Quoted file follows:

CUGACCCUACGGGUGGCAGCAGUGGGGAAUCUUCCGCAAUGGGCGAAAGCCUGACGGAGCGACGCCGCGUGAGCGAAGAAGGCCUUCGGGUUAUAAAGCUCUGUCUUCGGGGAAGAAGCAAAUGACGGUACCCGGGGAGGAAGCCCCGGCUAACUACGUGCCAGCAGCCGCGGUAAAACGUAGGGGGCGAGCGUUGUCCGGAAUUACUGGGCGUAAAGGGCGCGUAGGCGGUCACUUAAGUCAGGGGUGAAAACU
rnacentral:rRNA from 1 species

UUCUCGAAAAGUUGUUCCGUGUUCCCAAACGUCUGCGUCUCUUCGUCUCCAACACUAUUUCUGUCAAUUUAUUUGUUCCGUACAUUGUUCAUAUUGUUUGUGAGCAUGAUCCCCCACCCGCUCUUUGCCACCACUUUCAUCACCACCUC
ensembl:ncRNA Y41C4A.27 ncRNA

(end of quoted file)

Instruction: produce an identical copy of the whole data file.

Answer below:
CUGACCCUACGGGUGGCAGCAGUGGGGAAUCUUCCGCAAUGGGCGAAAGCCUGACGGAGCGACGCCGCGUGAGCGAAGAAGGCCUUCGGGUUAUAAAGCUCUGUCUUCGGGGAAGAAGCAAAUGACGGUACCCGGGGAGGAAGCCCCGGCUAACUACGUGCCAGCAGCCGCGGUAAAACGUAGGGGGCGAGCGUUGUCCGGAAUUACUGGGCGUAAAGGGCGCGUAGGCGGUCACUUAAGUCAGGGGUGAAAACU
rnacentral:rRNA from 1 species

UUCUCGAAAAGUUGUUCCGUGUUCCCAAACGUCUGCGUCUCUUCGUCUCCAACACUAUUUCUGUCAAUUUAUUUGUUCCGUACAUUGUUCAUAUUGUUUGUGAGCAUGAUCCCCCACCCGCUCUUUGCCACCACUUUCAUCACCACCUC
ensembl:ncRNA Y41C4A.27 ncRNA